Appellant testified at the hearing that it was "an ordinary practice" to require such waivers. He further testified, however, that he had not required a waiver or release from his own expert or from any other visitors to the parcel. After hearing appellant's testimony, the court determined that appellant's answers and demeanor were evasive, and that he had intentionally refused to permit the inspection. The court suppressed appellant's proofs concerning the 2008 tax appeal and his proofs and defenses concerning the 2009 tax appeal, as authorized by Rule 4:23-2(b)(2) and (3).
The Township subsequently filed a motion to dismiss appellant's appeal of the 2008 assessment in light of the presumption of validity of the tax assessment. The Township argued that appellant could not overcome that presumption because his proofs had been suppressed. The court granted the motion. The court also conducted a hearing on the tax assessment for 2009. Based on the unrefuted testimony of the Township's expert, which the court found credible, the court entered a judgment establishing the 2009 assessment as $175,500 for land, and $349,500 for improvements, for a total of $525,000. This appeal followed.
Plaintiff contends on appeal that the Township did not present truthful testimony at the hearing, and that the Township's expert presented a "materially flawed appraisal." For those reasons, plaintiff requests a re-trial for the 2008 tax year in which he would be permitted to present the certified independent appraisals of his experts. He also seeks to have the 2009 assessment dismissed.
Our review of a Tax Court's decision is limited. Because this is a "specialized, complex area[, and t]he judges assigned to the Tax Court have special expertise, . . . we will not disturb their findings unless they are plainly arbitrary or there is a lack of substantial evidence to support them." Pan Chem. Corp. v. Hawthorne Borough, 404 N.J. Super. 401, 406 (App. Div.), certif. denied, 198 N.J. 473 (2009) (internal quotation marks and citations omitted). See also Glenpointe Assocs. v. Twp. of Teaneck, 241 N.J. Super. 37, 46 (App. Div.), certif. denied, 122 N.J. 391 (1990).
The Tax Court issued its written decision on July 30, 2010. We affirm substantially for the reasons set forth in that opinion, which are supported by substantial evidence in the record. Appellant's arguments are without sufficient merit to warrant further discussion in a written opinion. R. 2:11-3(e)(1)(E). We add only the following.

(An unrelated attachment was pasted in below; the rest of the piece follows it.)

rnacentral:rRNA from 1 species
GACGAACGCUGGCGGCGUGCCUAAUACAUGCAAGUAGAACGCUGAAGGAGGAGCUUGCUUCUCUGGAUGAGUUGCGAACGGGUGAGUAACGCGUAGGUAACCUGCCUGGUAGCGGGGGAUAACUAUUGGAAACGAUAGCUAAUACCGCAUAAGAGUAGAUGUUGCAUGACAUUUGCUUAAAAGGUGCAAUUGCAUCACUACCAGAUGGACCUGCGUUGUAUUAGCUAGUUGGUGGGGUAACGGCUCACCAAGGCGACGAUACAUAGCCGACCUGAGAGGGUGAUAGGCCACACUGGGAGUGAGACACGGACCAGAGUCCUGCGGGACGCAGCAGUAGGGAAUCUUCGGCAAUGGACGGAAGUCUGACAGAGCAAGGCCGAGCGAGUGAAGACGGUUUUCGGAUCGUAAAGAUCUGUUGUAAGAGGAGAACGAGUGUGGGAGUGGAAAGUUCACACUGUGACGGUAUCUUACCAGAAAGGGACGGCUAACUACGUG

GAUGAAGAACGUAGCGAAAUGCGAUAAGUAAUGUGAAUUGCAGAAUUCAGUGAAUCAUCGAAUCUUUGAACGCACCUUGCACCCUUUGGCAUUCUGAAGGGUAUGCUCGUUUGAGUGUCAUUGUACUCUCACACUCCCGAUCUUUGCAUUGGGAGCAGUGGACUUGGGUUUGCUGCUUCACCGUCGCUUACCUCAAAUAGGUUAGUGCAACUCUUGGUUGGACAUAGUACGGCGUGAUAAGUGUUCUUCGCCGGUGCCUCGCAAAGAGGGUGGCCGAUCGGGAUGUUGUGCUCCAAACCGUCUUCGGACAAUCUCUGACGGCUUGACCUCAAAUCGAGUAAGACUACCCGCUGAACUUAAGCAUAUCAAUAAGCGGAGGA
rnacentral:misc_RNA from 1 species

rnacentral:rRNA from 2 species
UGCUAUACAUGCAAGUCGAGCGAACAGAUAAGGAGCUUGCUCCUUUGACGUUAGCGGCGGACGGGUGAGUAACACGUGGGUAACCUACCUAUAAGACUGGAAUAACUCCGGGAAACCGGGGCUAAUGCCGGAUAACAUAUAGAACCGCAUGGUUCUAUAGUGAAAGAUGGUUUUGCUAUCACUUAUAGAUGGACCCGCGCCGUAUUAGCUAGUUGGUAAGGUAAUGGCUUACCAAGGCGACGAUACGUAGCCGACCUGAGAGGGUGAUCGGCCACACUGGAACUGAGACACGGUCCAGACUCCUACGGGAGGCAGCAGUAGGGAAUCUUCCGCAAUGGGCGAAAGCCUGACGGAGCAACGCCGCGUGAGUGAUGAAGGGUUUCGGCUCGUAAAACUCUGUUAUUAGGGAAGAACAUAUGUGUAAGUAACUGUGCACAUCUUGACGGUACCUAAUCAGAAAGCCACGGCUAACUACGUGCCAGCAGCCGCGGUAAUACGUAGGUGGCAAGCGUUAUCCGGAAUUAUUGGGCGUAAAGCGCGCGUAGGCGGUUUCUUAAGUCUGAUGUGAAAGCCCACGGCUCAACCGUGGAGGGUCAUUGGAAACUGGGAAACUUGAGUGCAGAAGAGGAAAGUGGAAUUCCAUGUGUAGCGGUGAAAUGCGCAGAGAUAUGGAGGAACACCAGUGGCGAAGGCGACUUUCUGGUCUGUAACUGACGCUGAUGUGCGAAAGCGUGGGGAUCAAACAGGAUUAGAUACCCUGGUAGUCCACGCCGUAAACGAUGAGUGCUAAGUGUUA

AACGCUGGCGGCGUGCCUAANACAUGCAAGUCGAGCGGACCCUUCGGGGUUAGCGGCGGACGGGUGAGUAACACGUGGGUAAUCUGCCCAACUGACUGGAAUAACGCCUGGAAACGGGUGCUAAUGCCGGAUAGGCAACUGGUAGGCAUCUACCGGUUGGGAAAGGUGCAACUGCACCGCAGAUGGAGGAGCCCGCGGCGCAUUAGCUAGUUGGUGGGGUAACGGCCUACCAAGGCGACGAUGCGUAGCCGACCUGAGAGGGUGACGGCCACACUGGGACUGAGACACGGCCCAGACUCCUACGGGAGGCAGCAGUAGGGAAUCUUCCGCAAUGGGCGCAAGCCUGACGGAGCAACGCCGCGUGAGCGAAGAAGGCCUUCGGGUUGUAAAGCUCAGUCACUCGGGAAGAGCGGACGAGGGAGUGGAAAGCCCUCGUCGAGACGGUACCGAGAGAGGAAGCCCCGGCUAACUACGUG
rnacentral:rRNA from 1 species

The Tax Court did not misapply its discretion when it suppressed appellant's proofs. The court conducted a hearing to determine why appellant defied its order to permit an inspection of the parcel. After concluding that appellant's explanation was not credible, the court found that he had obstructed the inspection in order to further delay the proceedings. "Because a trial court 'hears the case, sees and observes the witnesses, [and] hears them testify,' it has a better perspective than a reviewing court in evaluating the veracity of witnesses." Pascale v. Pascale, 113 N.J. 20, 33 (1988) (quoting Gallo v. Gallo, 66 N.J. Super. 1, 5 (App. Div. 1961)). We defer to the court's credibility determinations.
We are mindful that barring a party's claim or defense for failure to comply with discovery orders should be the "last and least favorable option" utilized by the court. Il Grande v. DiBenedetto, 366 N.J. Super. 597, 624 (App. Div. 2004). Nevertheless, a litigant who seeks an unfair advantage at trial by obstructing discovery "should not assume that the right to an adjudication on the merits of [his] claims will survive so blatant an infraction." Abtrax Pharm., Inc. v. Elkins-Sinn, Inc., 139 N.J. 499, 521 (1995). Appellant's defiance of the court's discovery orders involved the very foundation of the cause of action - the ability to appraise appellant's property. Considering those circumstances, we do not find that the Tax Court misapplied its discretion by imposing a sanction that resulted in the dismissal of the 2008 claim, and the Township's presentation of undisputed evidence on the 2009 assessment.